Assignments:
1. Three proverbs, three explanations: one proverb/explanation per volume

Dickens broke Great Expectations into three volumes: Chapters 1-19, 20-39, and 40-60. For each volume, I would like you to look to the book of Proverbs in the Bible. Any translation will be fine. Please select one proverb that applies to a problem that Pip is having in that volume, and write two paragraphs explaining how Pip could benefit from that specific proverb and/or how that proverb explains why he is having such trouble . If you cannot find a proverb, any Bible verse will do, but I encourage you to look to Proverbs.

This is a thirty point assignment, and will be scored based on how apt the proverb you have selected is to the situation Pip is facing, and how concisely and cogently you explain its application to Pip’s life. Please do not go over two paragraphs per proverb.

2. Be prepared to do an ICE (in class essay) on Great Expectations when we get back to school in August. This will be our first AP ICE (very exciting!). To be successful on this ICE, you should be very familiar with:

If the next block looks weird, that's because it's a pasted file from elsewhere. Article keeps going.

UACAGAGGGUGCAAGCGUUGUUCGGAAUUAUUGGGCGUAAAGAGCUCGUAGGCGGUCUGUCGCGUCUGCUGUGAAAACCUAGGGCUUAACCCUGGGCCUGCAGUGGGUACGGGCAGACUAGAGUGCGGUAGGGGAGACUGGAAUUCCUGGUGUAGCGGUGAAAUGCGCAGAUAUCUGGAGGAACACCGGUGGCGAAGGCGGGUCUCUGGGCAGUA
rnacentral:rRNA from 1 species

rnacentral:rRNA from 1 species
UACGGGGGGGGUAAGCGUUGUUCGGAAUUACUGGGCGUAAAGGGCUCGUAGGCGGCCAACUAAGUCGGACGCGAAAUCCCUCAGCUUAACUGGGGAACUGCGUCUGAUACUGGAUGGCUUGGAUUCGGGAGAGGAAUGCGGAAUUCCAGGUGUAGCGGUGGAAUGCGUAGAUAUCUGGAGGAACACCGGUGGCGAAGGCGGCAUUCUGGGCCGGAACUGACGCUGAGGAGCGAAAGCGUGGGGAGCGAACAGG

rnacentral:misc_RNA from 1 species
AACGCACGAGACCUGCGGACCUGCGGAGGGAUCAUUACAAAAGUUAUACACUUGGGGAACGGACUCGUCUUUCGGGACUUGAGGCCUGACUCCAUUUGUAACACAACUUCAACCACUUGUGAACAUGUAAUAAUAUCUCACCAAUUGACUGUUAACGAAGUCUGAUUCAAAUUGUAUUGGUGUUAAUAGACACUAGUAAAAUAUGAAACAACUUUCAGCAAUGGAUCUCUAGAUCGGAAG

• All characters’ names and how to spell them
  • Key events in the plot and why they are interesting to you
  • Important details of setting

I will be giving two scores on this ICE. One of the scores will be your first AP ICE score, based on the AP exam rubric for this particular essay. That score won’t count toward your grade, but will give you a baseline score.

The second score will be based on how well you are able to demonstrate in that you read and understood the novel. The second score will be out of twenty points, and it will count toward your first quarter grade.

**I STRONGLY ENCOURAGE YOU TO SAVE GREAT EXPECTATIONS UNTIL THE END OF SUMMER VACATION.** You should give yourself about two weeks to read it (less if you are a fast reader). If you read this novel at the beginning of vacation and don’t reread it right before school starts, you will have trouble on your ICE. You want it to be fresh in your mind.

Have I mentioned how excited I am to have you in class next year? What larks we will have!  If you are a reader, I am including a list of novels that work for the AP exam but are also FUN to read this summer. You don’t have to read any of them, but perhaps some of you have already realized how wonderful literature is and would like some recommendations.

Once again—Ca-CAW! See you soon!

Dear children, I want to tell you an old story. It isn’t the oldest story, but it is pretty old, as far as stories go.

Now, the first thing you need to understand about this story is that it really happened. You know how some stories start, “Once upon a time”? They start that way because they never really happened, so you are supposed to use your imagination and pretend that they did happen.